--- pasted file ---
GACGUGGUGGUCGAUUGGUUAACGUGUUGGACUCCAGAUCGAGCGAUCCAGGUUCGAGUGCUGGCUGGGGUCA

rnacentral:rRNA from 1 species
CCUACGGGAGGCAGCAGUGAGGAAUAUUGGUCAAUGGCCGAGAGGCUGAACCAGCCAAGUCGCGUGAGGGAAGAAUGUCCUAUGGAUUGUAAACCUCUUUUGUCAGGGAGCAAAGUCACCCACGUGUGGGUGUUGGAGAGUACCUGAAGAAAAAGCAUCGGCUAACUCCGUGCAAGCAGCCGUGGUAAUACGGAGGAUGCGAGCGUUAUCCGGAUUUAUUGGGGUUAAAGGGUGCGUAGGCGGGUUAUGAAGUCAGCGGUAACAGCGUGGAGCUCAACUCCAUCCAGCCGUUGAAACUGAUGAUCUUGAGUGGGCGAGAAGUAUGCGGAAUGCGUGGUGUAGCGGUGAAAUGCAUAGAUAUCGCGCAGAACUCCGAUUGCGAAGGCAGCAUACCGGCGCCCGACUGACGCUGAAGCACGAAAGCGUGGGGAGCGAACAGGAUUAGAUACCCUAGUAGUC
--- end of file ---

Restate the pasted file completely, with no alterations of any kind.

GACGUGGUGGUCGAUUGGUUAACGUGUUGGACUCCAGAUCGAGCGAUCCAGGUUCGAGUGCUGGCUGGGGUCA

rnacentral:rRNA from 1 species
CCUACGGGAGGCAGCAGUGAGGAAUAUUGGUCAAUGGCCGAGAGGCUGAACCAGCCAAGUCGCGUGAGGGAAGAAUGUCCUAUGGAUUGUAAACCUCUUUUGUCAGGGAGCAAAGUCACCCACGUGUGGGUGUUGGAGAGUACCUGAAGAAAAAGCAUCGGCUAACUCCGUGCAAGCAGCCGUGGUAAUACGGAGGAUGCGAGCGUUAUCCGGAUUUAUUGGGGUUAAAGGGUGCGUAGGCGGGUUAUGAAGUCAGCGGUAACAGCGUGGAGCUCAACUCCAUCCAGCCGUUGAAACUGAUGAUCUUGAGUGGGCGAGAAGUAUGCGGAAUGCGUGGUGUAGCGGUGAAAUGCAUAGAUAUCGCGCAGAACUCCGAUUGCGAAGGCAGCAUACCGGCGCCCGACUGACGCUGAAGCACGAAAGCGUGGGGAGCGAACAGGAUUAGAUACCCUAGUAGUC